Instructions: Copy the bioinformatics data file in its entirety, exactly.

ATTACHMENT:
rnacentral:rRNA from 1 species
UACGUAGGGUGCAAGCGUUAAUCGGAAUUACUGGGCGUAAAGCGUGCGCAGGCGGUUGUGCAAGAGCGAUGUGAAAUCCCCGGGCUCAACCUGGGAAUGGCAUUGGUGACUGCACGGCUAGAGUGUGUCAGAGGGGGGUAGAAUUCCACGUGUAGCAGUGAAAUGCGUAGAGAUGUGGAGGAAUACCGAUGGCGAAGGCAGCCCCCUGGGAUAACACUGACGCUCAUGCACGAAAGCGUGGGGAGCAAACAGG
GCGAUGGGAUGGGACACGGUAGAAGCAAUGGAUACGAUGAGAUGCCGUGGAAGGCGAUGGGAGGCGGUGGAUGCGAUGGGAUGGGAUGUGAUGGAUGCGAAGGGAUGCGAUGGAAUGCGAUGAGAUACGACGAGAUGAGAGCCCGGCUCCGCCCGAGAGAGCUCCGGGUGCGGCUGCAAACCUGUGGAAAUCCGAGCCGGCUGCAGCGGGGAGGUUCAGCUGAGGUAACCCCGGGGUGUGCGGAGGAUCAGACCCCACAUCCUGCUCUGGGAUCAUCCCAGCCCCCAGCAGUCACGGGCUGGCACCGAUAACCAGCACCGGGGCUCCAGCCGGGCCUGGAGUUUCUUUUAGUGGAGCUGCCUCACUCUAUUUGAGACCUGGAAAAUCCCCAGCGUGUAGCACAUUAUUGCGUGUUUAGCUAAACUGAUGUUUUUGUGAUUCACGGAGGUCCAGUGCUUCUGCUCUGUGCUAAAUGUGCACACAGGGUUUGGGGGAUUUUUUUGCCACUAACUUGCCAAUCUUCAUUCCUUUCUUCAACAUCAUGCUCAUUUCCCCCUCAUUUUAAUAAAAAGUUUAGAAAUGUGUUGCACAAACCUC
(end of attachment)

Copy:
rnacentral:rRNA from 1 species
UACGUAGGGUGCAAGCGUUAAUCGGAAUUACUGGGCGUAAAGCGUGCGCAGGCGGUUGUGCAAGAGCGAUGUGAAAUCCCCGGGCUCAACCUGGGAAUGGCAUUGGUGACUGCACGGCUAGAGUGUGUCAGAGGGGGGUAGAAUUCCACGUGUAGCAGUGAAAUGCGUAGAGAUGUGGAGGAAUACCGAUGGCGAAGGCAGCCCCCUGGGAUAACACUGACGCUCAUGCACGAAAGCGUGGGGAGCAAACAGG
GCGAUGGGAUGGGACACGGUAGAAGCAAUGGAUACGAUGAGAUGCCGUGGAAGGCGAUGGGAGGCGGUGGAUGCGAUGGGAUGGGAUGUGAUGGAUGCGAAGGGAUGCGAUGGAAUGCGAUGAGAUACGACGAGAUGAGAGCCCGGCUCCGCCCGAGAGAGCUCCGGGUGCGGCUGCAAACCUGUGGAAAUCCGAGCCGGCUGCAGCGGGGAGGUUCAGCUGAGGUAACCCCGGGGUGUGCGGAGGAUCAGACCCCACAUCCUGCUCUGGGAUCAUCCCAGCCCCCAGCAGUCACGGGCUGGCACCGAUAACCAGCACCGGGGCUCCAGCCGGGCCUGGAGUUUCUUUUAGUGGAGCUGCCUCACUCUAUUUGAGACCUGGAAAAUCCCCAGCGUGUAGCACAUUAUUGCGUGUUUAGCUAAACUGAUGUUUUUGUGAUUCACGGAGGUCCAGUGCUUCUGCUCUGUGCUAAAUGUGCACACAGGGUUUGGGGGAUUUUUUUGCCACUAACUUGCCAAUCUUCAUUCCUUUCUUCAACAUCAUGCUCAUUUCCCCCUCAUUUUAAUAAAAAGUUUAGAAAUGUGUUGCACAAACCUC